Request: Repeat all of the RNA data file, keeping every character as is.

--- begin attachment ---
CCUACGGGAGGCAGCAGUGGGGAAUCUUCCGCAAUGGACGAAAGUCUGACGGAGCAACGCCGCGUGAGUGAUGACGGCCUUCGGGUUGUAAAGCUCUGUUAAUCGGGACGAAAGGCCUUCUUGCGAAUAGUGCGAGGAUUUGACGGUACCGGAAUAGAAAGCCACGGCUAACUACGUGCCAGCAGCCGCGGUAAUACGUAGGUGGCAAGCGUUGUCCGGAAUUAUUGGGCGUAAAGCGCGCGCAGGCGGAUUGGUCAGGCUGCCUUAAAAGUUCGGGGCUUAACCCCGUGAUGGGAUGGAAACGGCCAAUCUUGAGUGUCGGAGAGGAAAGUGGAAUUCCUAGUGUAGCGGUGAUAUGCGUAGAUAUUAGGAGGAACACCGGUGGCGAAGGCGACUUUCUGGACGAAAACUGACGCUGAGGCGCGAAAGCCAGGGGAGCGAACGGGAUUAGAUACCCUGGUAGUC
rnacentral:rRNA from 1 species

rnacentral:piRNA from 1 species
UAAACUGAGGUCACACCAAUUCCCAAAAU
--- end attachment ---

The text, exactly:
CCUACGGGAGGCAGCAGUGGGGAAUCUUCCGCAAUGGACGAAAGUCUGACGGAGCAACGCCGCGUGAGUGAUGACGGCCUUCGGGUUGUAAAGCUCUGUUAAUCGGGACGAAAGGCCUUCUUGCGAAUAGUGCGAGGAUUUGACGGUACCGGAAUAGAAAGCCACGGCUAACUACGUGCCAGCAGCCGCGGUAAUACGUAGGUGGCAAGCGUUGUCCGGAAUUAUUGGGCGUAAAGCGCGCGCAGGCGGAUUGGUCAGGCUGCCUUAAAAGUUCGGGGCUUAACCCCGUGAUGGGAUGGAAACGGCCAAUCUUGAGUGUCGGAGAGGAAAGUGGAAUUCCUAGUGUAGCGGUGAUAUGCGUAGAUAUUAGGAGGAACACCGGUGGCGAAGGCGACUUUCUGGACGAAAACUGACGCUGAGGCGCGAAAGCCAGGGGAGCGAACGGGAUUAGAUACCCUGGUAGUC
rnacentral:rRNA from 1 species

rnacentral:piRNA from 1 species
UAAACUGAGGUCACACCAAUUCCCAAAAU